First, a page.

Part 3.

I consider it important to say how the humanitarian aid collected for our army is distributed. Even back home I suspected that very little reaches the frontline directly. Back in my unit in Valuyki I found that conscripts who were delivering humanitarian aid to our unit in Ukraine stole from it three crates of canned meat and sold it in our unit for 70 rubles each. They also stole three crates with cigarettes. Cigarettes that normally cost 187 rubles, they were selling for 100. I also personally saw how in the regiment’s headquarters, a woman who worked there was eating “Roshen” candy from a big crate. As far as I understand that was meant to go straight to the frontlines, but it never did. One can only wonder how many crates like that with sweets, canned food, condensed milk are stolen in the Valuyki unit by every man and his dog… People who saw it also told me how in Izyum, those who always stayed in the rears jumped like jackals at crates with aid from some Russian regions. This aid was also meant for the frontlines. They pulled out and gutted everything – they took all the chocolate, canned foods, good cigarettes, all the good clothes – they left out all the worst and unneeded, including the worst cigarettes. In the end, from a whole truck only three crates survived – one was sent to our 752nd regiment, another to Bogychary, and they shoved the last one somewhere… Those who saw these rear bastards going through items said it was a very disgusting thing to see from outside…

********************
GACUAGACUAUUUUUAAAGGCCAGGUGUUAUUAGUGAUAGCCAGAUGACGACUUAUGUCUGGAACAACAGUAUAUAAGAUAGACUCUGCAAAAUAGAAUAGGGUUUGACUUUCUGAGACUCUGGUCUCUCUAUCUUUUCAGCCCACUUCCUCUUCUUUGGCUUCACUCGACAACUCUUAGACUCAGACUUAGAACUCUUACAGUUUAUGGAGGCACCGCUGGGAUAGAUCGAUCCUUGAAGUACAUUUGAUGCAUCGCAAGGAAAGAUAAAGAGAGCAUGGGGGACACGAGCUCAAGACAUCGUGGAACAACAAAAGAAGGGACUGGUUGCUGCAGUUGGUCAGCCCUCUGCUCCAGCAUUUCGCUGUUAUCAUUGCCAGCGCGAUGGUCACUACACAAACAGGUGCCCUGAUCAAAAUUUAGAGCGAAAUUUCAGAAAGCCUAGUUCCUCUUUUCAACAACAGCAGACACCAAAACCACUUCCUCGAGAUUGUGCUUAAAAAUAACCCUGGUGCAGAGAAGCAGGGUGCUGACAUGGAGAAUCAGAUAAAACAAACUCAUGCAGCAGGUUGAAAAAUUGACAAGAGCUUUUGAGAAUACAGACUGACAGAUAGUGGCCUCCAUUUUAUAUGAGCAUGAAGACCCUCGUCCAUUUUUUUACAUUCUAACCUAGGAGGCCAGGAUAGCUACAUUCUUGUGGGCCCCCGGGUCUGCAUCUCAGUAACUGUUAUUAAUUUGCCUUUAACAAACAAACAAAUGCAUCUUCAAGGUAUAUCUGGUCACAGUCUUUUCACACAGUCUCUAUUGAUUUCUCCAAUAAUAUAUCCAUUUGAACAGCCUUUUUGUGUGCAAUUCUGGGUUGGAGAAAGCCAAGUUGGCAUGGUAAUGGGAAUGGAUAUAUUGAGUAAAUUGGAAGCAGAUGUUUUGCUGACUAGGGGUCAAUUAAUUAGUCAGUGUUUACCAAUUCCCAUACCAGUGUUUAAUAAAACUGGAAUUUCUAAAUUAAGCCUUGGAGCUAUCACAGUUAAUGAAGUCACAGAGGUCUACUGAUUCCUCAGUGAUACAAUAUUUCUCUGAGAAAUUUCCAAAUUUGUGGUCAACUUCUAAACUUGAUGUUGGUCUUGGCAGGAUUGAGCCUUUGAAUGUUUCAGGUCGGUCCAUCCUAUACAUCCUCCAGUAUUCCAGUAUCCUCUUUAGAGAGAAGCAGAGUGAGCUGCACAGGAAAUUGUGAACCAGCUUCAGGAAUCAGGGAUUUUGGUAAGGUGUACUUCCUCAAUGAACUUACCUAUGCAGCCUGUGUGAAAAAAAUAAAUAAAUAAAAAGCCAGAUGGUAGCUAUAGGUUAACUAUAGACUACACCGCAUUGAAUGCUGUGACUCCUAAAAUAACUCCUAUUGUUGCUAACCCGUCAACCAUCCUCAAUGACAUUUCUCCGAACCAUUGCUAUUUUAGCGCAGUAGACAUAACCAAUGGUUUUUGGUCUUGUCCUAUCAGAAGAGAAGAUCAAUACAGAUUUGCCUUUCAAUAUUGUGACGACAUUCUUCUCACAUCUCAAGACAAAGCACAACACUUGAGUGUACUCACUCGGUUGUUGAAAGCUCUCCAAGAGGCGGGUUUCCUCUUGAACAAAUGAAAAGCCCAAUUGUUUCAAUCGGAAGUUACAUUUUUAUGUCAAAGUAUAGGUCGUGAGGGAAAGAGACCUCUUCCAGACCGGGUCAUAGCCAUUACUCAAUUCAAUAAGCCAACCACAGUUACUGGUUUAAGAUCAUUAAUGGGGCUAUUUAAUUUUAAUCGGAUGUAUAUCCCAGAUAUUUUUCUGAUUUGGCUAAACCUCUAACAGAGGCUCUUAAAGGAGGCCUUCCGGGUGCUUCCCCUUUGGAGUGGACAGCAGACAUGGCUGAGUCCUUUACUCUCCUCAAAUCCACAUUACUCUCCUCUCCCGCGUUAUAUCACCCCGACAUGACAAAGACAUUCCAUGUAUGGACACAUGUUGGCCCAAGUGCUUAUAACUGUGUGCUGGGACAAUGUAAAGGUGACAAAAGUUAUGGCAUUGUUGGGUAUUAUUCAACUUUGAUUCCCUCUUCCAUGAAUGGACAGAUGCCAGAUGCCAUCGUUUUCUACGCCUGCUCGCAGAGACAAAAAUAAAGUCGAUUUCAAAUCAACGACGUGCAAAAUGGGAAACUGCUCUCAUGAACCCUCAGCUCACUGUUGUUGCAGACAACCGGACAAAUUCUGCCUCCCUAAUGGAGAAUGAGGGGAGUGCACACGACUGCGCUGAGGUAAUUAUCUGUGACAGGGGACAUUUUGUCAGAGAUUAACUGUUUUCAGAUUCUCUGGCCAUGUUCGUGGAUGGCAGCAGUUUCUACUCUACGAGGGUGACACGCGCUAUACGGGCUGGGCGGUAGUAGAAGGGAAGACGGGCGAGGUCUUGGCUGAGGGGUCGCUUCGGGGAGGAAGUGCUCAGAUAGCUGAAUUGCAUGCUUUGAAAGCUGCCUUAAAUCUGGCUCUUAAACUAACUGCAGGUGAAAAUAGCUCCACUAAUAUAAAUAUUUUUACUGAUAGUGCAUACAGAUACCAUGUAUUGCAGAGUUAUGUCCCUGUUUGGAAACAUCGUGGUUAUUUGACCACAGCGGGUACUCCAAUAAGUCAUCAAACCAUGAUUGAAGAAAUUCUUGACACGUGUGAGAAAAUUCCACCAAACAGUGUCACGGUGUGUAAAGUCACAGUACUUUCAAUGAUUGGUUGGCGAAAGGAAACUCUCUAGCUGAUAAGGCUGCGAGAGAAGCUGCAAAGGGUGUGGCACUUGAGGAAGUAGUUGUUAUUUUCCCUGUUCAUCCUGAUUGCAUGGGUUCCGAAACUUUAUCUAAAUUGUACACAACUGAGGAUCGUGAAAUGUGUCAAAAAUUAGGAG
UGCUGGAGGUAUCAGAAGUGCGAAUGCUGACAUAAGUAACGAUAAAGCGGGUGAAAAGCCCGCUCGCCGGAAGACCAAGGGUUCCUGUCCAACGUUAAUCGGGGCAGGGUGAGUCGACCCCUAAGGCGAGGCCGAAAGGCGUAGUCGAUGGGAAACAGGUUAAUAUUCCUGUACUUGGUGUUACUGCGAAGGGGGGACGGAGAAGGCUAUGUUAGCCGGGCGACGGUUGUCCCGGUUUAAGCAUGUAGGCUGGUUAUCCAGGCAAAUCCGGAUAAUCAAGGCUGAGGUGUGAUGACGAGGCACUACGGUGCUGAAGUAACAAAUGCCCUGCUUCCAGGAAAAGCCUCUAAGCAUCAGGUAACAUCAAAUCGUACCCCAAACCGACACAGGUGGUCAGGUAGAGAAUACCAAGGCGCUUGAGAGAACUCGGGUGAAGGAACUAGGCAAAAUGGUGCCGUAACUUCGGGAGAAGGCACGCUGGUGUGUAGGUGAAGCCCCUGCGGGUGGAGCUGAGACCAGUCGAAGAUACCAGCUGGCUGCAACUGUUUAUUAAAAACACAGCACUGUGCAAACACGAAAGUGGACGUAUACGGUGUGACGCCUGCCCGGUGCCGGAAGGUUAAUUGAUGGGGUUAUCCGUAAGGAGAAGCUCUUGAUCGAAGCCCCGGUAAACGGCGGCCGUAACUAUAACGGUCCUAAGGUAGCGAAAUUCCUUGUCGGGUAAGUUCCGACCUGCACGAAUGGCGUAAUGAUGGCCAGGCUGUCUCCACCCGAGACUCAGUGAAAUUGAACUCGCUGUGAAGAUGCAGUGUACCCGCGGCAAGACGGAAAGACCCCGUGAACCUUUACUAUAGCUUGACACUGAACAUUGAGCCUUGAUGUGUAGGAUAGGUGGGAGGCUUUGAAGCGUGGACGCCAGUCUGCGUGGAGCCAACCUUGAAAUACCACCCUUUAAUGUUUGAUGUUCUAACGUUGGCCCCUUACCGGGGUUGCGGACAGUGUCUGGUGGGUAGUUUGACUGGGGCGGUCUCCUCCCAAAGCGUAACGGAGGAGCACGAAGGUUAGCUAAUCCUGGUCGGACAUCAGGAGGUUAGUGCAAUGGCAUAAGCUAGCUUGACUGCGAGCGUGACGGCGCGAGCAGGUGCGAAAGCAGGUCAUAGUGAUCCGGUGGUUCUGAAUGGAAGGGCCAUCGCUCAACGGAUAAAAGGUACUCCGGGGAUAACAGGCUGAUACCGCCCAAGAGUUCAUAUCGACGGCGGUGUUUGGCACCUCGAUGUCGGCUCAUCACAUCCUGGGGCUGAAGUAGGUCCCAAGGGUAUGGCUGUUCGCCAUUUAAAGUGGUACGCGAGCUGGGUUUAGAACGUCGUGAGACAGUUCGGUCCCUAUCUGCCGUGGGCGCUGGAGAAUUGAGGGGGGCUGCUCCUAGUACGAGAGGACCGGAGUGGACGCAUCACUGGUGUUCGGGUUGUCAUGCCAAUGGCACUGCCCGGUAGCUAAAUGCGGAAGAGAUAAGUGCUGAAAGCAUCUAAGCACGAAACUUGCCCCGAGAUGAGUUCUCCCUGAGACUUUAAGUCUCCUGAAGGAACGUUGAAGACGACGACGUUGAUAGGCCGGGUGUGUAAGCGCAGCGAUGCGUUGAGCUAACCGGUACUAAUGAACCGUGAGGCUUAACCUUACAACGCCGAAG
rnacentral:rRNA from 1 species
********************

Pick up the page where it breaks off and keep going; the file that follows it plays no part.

I was at the frontline. Thank God, we always had food, but never had good cigarettes. They simply never reached us. We didn’t have basic raincoats, either. Once it rained heavily for three days and we all were soaked, we slept soaked, we stood guard soaked…

It’s important to note another tragic issue. Many volunteer guys had scattered around the forests after those insane assaults by our unit. They fled because they were immediately thrown into battle and they didn’t even know each other all that well. I’ve heard they now wander in the forests in small groups, not letting anyone approach them. If someone yells at them – ‘We’re yours!’, they start shooting anyway. What was it like for these people? Wandering around these forests, cold and hungry, always afraid of getting into the hands of these Ukrainian subhumans… Who will answer for this?

In early May I found that one of our PMCs (Private Military Co) had an objective of collecting such people in the forests and fields of our area (Well, this probably is an accompanying task for them; aside from that I think their main objective is fighting Ukrainian saboteurs). They picked up two of our guys in shrubbery near Suligovka… They fed them, gave them new uniforms, since after two weeks in Suligovka their uniform completely worn out, and brought them to Izyum.